Other universities lump the fee into a larger sum, such as the $3,680 "auxiliary fee" at VMI. Officials at the University of Mary Washington said it does not charge a separate athletic fee, although state records suggest it does. The fees are tabulated in an annual state report.
A national analysis of athletic fees published last month by USA Today found no university outside Virginia charging an athletic fee higher than $1,000.
Two of the 20 highest fees identified in the report were in Maryland, at the University of Maryland Baltimore County and Towson University. UMBC charged an athletic fee of $802 this academic year, according to state data; Towson charged $767.
UMBC discloses its fee on its Web site. Towson added the fee to its site after publication of the USA Today investigation, according to the article.
School officials cautioned against comparing fees among schools, even within the same state, because different schools may use the fees for somewhat different purposes. Generally speaking, the fees cover only the costs of intercollegiate sports.
Virginia's fees are particularly high because it is one of a few states that forbid public universities to use tuition to subsidize athletics, university officials said.
"In Virginia, every athletic program has to stand on its own bottom," said Larry Hincker, Virginia Tech spokesman.
Each athletic program relies on millions of dollars in fees or donations to keep it afloat.
Ninety-five percent of the revenue in the Christopher Newport athletic program in fiscal 2009 came from student fees, according to institutional data; 83 percent at James Madison; 70 percent at George Mason University.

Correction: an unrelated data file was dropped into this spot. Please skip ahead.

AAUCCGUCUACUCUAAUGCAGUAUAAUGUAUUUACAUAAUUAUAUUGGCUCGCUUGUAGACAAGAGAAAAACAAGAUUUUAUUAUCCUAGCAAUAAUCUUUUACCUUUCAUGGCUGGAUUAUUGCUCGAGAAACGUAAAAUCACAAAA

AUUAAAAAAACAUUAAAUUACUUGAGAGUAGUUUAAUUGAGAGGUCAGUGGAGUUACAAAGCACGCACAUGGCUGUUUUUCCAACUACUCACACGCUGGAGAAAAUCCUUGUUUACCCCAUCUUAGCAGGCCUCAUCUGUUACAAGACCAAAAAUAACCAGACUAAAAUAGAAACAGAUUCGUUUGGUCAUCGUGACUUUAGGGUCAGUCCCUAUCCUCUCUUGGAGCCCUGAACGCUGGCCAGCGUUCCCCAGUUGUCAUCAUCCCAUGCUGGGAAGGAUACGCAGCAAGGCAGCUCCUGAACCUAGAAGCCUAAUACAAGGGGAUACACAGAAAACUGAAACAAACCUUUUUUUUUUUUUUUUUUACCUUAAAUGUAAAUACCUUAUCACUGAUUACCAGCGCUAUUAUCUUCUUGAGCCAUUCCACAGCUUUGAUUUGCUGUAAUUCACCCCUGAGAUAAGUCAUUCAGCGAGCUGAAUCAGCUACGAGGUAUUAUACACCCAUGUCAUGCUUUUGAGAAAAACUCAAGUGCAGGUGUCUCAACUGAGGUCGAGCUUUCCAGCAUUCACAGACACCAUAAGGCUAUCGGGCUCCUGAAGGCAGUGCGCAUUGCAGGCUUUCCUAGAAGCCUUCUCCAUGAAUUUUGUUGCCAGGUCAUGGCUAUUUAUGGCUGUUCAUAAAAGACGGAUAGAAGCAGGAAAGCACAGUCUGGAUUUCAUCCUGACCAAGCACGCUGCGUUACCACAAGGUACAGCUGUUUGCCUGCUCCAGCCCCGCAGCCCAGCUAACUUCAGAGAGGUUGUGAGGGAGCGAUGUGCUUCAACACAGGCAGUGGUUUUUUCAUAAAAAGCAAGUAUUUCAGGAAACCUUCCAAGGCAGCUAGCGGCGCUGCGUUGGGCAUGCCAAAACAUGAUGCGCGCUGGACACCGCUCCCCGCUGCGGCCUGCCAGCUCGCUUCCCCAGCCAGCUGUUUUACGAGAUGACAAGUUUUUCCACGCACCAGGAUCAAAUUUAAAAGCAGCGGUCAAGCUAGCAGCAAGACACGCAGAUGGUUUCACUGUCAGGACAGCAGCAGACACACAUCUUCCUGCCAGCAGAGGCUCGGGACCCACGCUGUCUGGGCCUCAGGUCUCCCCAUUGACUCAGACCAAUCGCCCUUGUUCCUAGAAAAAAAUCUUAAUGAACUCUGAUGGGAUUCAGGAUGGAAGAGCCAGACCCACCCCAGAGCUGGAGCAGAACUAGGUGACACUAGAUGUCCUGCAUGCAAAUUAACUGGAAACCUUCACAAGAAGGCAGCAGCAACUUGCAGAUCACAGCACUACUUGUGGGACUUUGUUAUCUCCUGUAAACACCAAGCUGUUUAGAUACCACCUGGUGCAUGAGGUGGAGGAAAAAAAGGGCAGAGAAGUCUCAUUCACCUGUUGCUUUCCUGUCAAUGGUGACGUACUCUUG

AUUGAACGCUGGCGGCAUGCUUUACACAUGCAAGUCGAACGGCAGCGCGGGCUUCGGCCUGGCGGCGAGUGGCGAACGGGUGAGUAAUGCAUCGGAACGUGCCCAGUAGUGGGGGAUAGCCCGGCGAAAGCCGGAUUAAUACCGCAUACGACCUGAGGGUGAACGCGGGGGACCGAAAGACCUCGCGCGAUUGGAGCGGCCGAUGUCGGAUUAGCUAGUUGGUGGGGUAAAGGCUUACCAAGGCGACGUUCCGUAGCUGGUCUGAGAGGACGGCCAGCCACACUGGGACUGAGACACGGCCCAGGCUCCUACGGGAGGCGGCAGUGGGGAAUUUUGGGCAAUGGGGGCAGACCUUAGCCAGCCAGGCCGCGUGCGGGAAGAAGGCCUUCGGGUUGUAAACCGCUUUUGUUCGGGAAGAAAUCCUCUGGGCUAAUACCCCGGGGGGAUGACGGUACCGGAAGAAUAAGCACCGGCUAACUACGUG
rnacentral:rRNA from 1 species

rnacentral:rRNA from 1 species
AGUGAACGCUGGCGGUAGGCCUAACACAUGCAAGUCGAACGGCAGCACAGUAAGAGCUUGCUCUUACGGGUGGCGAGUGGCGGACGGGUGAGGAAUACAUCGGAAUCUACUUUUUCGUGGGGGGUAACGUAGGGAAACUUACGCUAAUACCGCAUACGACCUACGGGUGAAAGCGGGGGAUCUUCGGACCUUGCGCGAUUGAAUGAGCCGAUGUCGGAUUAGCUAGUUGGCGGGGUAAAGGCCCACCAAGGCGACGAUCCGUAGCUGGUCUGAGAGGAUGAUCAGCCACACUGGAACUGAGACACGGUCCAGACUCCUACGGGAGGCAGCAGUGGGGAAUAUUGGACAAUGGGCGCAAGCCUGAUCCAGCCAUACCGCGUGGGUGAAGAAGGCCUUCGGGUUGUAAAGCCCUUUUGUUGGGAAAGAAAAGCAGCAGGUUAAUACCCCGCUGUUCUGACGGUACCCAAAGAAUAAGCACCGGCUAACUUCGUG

Elite Virginia schools support athletics with donations. U-Va. collected $22 million in contributions in the 2009 academic year, its largest single source of athletic revenue, according to a state audit . William and Mary earned $5 million in contributions and income from endowments and investments that year.
"We have worked hard to reduce the percentage of our athletics budget that is dependent on the student fee," said Brian Whitson, university spokesman.
That's a tall order for a university with a student body of 7,800 and negligible revenue from advertising and sponsorships. William and Mary has limited its reliance on university fees to about half of the total athletic revenue, largely through donations and investments.
At Norfolk State University, by contrast, contributions generated only $289,013 in 2008-09. Of nearly $10 million in athletic revenue, $8.3 million came from student fees.
Larger universities can minimize fees by spreading them out. At George Mason University, a $475 fee collected from 19,000 undergraduate students should yield at least $9 million this academic year.
Fees from graduate students will generate additional revenue.
Virginia Tech collects less money from fees than most other Virginia institutions, largely because of its nationally ranked football program, an endeavor that "basically underwrites all the other programs on our campus," Hincker said. "Our programs are expensive, and our tuition is going to be high. So we have always rigorously held down our athletic fees."
Virginia's athletic fees have stirred little public outcry. Take William and Mary, a school with one of the state's highest athletic fees and an informed student body.
"From time to time you'll see an op-ed in one of the campus papers talking about this," said Matt Poms, a senior who is managing editor of the Flat Hat newspaper at the university. "I've never, in four years here, seen any organized opposition."
The reason might be that parents and students don't know they are being charged.
James Boyle, president of the Virginia advocacy group College Parents of America, said parents might complain about the fee if more were aware of it, particularly those with children who take no part in campus sports.
"I think there's kind of a mistaken assumption that all students are interested in athletics," he said. "And some students aren't."